Security vendors have, in the past year or so, gone big time on converting users and companies over to the concept of proactive security by switching from intrusion detection systems (IDS) to intrusion prevention systems (IPS). But what does "proactive" actually mean?
According to Robert Graham, chief scientist at Internet Security Systems (ISS), "protecting against exploits is reactive, while protecting against vulnerabilities is proactive."
This is because protecting against exploits is dependent on the exploit having taken place, and then writing a signature file for it.
But protecting against vulnerabilities means actively looking for vulnerabilities in a system, and then coming up with a vulnerability signature-or a "virtual patch"-to temporarily prevent hackers or malware from exploiting the vulnerability.
Graham said that ISS does this by having a research and development arm called the X-Force, which has a staff strength of around 200.
X-Force will look at current announced vulnerabilities as well as search for them in systems, and then come up with the signature files that will block known and unknown exploits from leveraging on the vulnerabilities.
And he is extremely proud that ISS discovered new threats, such as CodeRed, Nimbda, Slammer, Blaster and Sasser, before the hackers did.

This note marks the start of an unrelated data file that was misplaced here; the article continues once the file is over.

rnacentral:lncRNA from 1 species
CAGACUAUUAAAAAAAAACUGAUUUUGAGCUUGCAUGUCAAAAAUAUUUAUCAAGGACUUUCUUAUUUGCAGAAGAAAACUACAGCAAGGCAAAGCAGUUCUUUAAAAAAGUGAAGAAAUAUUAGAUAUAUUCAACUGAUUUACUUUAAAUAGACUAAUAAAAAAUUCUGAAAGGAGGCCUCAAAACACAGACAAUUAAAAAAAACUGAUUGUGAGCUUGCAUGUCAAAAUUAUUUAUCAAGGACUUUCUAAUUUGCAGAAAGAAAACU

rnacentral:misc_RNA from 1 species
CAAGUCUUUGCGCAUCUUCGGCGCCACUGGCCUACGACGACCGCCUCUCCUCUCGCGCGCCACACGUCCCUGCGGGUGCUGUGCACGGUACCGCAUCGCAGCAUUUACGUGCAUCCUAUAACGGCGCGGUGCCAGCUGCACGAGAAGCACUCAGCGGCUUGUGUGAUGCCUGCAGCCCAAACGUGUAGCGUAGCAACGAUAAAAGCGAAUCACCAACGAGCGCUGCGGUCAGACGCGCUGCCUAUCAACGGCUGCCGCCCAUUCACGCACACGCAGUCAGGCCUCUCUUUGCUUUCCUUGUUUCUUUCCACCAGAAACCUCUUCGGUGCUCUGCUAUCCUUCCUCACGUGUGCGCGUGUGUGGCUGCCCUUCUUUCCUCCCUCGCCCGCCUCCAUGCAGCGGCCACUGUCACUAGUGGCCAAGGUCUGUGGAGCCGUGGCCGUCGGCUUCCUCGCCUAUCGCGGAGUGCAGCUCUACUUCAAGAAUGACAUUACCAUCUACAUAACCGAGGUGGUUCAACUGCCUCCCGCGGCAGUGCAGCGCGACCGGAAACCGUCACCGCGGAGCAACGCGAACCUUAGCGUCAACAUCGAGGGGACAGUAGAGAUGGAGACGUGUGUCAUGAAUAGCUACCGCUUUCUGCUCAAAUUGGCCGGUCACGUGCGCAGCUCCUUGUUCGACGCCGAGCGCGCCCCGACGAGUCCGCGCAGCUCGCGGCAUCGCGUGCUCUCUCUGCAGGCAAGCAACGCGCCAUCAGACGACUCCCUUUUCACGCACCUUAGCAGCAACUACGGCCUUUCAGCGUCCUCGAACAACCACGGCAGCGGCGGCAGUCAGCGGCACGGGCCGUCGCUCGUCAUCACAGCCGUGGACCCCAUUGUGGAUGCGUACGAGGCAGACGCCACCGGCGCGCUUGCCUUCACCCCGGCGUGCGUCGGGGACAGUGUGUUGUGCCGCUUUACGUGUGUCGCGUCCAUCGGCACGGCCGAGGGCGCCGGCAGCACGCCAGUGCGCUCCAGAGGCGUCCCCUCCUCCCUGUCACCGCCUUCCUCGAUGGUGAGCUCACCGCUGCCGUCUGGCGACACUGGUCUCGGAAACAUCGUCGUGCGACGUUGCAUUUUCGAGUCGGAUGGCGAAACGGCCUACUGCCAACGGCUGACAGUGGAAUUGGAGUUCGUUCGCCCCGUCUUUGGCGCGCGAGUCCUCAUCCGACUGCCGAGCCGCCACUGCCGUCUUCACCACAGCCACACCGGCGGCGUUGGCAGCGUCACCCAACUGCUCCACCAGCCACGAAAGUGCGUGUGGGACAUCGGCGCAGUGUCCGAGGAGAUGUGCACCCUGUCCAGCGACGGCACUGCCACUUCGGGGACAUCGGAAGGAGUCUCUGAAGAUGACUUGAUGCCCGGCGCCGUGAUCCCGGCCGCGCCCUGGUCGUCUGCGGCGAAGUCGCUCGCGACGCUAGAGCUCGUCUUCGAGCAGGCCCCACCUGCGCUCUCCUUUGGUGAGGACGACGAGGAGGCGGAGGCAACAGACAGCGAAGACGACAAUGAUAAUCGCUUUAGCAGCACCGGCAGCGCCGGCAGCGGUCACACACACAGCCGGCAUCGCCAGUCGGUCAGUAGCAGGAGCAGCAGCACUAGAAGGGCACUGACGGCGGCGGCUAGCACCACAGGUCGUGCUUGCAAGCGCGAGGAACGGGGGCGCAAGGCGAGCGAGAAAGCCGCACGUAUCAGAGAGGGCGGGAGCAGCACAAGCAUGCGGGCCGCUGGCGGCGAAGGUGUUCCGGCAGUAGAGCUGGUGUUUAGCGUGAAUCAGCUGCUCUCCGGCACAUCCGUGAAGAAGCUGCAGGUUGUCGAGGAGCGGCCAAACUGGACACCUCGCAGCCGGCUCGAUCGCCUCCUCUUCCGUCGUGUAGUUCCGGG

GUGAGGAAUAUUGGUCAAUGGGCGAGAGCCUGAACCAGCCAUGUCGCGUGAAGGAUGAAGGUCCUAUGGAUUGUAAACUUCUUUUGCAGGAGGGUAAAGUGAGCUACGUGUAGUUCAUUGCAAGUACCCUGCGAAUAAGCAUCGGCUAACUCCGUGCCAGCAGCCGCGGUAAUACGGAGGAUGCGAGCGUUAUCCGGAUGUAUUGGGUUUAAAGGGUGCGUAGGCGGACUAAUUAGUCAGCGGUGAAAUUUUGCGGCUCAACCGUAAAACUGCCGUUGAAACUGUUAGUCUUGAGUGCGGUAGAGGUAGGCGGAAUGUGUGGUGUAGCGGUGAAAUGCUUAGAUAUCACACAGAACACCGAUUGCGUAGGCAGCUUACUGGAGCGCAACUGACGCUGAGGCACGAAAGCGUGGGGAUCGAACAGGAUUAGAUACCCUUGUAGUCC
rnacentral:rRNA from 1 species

This is done, said Graham, by protocol analysis, which is different from pattern matching in that it considers everything as a protocol, whereas pattern matching will only look for specific strings in the malware code.
"A protocol is a data structure or format of the network traffic, and because we know what the structure is supposed to be like, any abnormalities in the structure can be detected and prevented," explained Graham. "So if we know that a buffer is only supposed to contain 96 bytes, and along comes something that contains 1012 bytes, we will red-flag and block it."
With security attacks increasingly being driven by monetary gains, Graham warned that companies have to start looking at IPS to proactively defend themselves, although IDS and IPS both have a part to play in a companys security defence.
As an example of monetary-driven hacking, he cited a company that was hit by a denial of service (DoS) attack, which would only stop if it paid a sum of money to the hacker.
Companies also need to understand what they are buying the tool for, said Graham, because "if they dont, then they are going to accept that whatever a vendor is selling them will solve all their security headaches, which it will not."